Library or room, library or room, libr-? Room

Image credit: Geograph

To be ‘thrown in at the deep end’ is certainly no understatement with regards to the start of my third term at Cambridge. Drive back down to university, unpack my cases, open files, folders, books and bags, library doors, new browsing tabs. Drowning in the endless abyss of books, I had to somehow resurface and catch my breath. Next thing you know, I’m diving head first into an exam paper, spluttering droplets of words page upon page. This is the first exam I have ever sat at university and I am not sure if I am doing it ‘right’. Words are already overflowing the page, spilling out into the margins, and I am positively surprised that the source of the downpour is the ink of my pen and not my eyes. Before I know it, we are all flooding back out, only to find ourselves engulfed by yet another wave of revision. Perhaps this all sounds a little bit too dramatic. After all, I only had to sit prelim examinations. Who am I to talk about the pressure of exams? But all of this exam frenzy seemed to hatch a thought.  What is the most effective way to revise? What are those small changes which could truly make that big difference?

Have you ever encountered the well-renowned dilemma of library or room, library or room, libr-? Room. I always choose to study in my room. The library environment seems rather stressful to me, with its overwhelmingly tall shelves of many unread books, sandwiching words which could have been the secret to my success. Next is the furious tappers and typers, the pen-clickers and the heavy-breathers, the loud-chewers and the whispering thinkers. The library is much too distracting. And look, over there, it is so and so! I wonder how her weekend has been. And I wonder how much revision she has done. I need to go and talk to her. Just a quick quiet catch up.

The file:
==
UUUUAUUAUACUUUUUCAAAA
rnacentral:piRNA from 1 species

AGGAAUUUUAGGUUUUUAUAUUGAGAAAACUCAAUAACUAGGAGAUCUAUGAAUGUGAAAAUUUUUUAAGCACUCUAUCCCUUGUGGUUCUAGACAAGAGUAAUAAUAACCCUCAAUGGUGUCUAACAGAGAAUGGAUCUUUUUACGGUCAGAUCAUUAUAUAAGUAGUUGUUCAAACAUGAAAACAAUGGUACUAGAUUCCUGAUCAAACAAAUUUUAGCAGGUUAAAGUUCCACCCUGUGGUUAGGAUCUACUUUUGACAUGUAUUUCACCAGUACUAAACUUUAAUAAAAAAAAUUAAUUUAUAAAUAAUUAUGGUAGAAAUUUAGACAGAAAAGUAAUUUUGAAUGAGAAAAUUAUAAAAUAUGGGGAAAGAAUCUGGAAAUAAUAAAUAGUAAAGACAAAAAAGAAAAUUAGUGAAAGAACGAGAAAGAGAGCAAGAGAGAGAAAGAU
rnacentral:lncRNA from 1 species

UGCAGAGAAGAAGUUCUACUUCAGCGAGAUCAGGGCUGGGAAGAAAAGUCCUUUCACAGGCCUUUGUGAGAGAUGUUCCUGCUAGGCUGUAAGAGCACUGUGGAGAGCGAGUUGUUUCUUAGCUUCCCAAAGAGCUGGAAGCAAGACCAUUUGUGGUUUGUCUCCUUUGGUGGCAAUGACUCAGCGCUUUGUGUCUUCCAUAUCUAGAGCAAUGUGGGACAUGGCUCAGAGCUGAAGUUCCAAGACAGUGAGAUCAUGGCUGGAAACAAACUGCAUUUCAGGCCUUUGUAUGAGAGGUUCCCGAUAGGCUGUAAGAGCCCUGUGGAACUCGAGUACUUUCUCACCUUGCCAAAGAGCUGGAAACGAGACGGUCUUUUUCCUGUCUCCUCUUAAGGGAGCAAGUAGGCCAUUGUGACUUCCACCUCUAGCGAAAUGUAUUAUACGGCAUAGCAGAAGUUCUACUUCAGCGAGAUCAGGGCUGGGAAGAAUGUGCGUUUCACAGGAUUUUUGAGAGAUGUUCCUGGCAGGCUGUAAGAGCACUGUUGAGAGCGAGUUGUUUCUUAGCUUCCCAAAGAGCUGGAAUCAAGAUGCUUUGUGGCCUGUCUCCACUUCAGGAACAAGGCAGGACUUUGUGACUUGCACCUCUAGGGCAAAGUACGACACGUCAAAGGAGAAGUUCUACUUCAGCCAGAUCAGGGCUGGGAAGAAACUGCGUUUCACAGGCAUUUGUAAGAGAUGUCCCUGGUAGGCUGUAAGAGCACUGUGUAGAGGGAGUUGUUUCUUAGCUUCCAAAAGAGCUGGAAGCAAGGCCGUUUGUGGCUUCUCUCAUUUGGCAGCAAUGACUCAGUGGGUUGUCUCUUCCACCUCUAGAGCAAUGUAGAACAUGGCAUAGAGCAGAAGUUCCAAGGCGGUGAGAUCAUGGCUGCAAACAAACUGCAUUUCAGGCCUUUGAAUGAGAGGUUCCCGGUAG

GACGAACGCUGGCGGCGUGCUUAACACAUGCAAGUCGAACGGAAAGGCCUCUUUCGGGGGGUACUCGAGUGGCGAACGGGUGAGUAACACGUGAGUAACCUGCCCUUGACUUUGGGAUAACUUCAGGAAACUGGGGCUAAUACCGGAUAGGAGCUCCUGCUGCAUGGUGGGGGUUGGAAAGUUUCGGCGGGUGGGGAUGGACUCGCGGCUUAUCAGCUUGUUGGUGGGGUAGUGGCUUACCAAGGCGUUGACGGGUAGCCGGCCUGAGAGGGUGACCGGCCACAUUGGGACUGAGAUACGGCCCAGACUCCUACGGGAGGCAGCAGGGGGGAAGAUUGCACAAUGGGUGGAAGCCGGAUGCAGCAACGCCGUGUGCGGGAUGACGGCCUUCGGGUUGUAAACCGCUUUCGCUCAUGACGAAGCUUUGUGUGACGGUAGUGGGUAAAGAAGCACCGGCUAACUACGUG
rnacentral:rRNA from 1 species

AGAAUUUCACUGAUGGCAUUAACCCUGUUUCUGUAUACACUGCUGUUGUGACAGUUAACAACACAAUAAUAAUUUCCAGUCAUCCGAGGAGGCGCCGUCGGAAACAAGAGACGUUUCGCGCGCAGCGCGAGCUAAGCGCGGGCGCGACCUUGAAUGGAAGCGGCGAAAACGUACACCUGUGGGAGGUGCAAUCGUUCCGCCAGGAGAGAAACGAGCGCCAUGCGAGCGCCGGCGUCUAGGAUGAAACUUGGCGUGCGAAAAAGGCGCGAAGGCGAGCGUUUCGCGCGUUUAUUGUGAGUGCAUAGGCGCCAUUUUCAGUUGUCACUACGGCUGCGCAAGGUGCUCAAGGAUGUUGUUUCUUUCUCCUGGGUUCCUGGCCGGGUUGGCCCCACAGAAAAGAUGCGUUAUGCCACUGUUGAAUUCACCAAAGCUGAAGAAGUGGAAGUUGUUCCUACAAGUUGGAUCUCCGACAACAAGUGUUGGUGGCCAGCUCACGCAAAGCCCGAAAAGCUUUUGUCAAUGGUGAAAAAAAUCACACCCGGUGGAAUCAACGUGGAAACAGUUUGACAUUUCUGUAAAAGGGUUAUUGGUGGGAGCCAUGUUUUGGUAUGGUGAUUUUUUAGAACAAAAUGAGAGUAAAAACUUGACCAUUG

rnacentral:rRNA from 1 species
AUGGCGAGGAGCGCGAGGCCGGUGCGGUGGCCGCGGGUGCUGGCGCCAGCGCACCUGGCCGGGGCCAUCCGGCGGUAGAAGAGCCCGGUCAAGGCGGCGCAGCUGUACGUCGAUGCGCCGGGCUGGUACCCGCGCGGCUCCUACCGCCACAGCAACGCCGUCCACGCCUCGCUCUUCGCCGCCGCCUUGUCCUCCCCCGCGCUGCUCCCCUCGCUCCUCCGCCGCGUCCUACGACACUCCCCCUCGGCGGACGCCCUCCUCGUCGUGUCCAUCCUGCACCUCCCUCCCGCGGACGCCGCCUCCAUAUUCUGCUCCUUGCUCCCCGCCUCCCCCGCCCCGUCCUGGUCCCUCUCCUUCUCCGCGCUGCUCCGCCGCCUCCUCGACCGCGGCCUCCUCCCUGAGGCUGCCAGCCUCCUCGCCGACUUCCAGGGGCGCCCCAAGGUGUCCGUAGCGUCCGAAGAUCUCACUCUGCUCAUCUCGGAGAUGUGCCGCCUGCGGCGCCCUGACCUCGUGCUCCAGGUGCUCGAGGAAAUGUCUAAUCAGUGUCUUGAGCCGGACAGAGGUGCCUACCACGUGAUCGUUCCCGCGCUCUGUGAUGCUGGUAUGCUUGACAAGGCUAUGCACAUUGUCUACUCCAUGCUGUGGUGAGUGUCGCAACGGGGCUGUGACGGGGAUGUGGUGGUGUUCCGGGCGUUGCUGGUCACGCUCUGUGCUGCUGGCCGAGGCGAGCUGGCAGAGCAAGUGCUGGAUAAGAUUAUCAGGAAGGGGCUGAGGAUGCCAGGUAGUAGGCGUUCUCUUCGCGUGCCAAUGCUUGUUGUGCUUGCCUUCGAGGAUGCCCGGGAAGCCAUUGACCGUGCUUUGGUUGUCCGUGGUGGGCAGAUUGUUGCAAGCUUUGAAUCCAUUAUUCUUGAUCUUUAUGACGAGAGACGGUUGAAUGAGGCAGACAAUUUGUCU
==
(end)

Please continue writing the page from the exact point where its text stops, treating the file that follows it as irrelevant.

My room whereas is cosy and calm, quiet and alone, no one to distract me, secret chocolate stash, oh and my warm, inviting bed, my fortress of pillows, my sweet blanket haven. How did I end up under my duvet with my laptop perched on my knee again? Surely, this is not productive work. So, what is the solution? Only you can decide which is the best learning environment for you but working in the library may enhance concentration far more than studying within your four walls of procrastination. Put your ear buds in, sit in a quieter part of the library, face away from any distractions and you are good to go. It is often more helpful to distinguish between your ‘work’ environment and your ‘play’ environment. You might find it easier to fully activate your brain when you are surrounded by other focused thinkers, hard at work, in an academic setting.

Just as I think I have grabbed my lifebuoy in the rocky waters of that conundrum, the library seems to rise in another tempestuous dispute. Which is better, online resources or physical books? It is no secret that Cambridge provides some of the best facilities for its students. The internet can offer a vast array of different materials. Speaking for my degree, we can access Literature Online (LION), a virtual historical and literary timeline, Cambridge Companions, and as of late, the Royal Shakespeare Company Live Collection on Drama Online, through the library’s trial scheme.  In the library we can gain access to older material, which may not even appear online, or at least not in its entirety, and facsimiles of famous works. That being said, it can be quicker to take notes from online resources with a simple copy and paste. At the same time, reading a physical copy, rather than the online version, may unlock new levels of understanding, allowing you to absorb the words more, instead of hurriedly skimming your computer screen.

Clearly, this provides no concrete answers to these discussions; the decision is all yours. Library or room? Online or library? These are just two of the questions you should find yourself asking throughout exam term. In what ways can you improve your revision plans? How can you work most effectively? What simple changes can you make to your daily routine to improve your work-ethic? After all, it may be the small changes which make the biggest difference.

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